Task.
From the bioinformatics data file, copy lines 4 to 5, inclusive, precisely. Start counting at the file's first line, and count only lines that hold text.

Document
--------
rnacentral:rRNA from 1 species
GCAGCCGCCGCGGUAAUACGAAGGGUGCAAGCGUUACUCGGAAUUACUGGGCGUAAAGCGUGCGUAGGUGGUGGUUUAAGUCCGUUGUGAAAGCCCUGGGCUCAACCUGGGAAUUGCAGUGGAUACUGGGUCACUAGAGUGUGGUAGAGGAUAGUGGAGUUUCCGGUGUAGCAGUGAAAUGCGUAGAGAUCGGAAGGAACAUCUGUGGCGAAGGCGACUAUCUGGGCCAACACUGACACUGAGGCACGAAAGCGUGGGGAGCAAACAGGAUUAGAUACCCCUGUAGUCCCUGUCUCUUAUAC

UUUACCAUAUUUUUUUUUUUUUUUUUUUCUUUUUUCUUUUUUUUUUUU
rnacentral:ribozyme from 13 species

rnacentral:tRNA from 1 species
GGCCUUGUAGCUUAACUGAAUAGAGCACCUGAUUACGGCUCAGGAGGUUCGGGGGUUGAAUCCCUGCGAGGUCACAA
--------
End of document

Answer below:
rnacentral:ribozyme from 13 species

rnacentral:tRNA from 1 species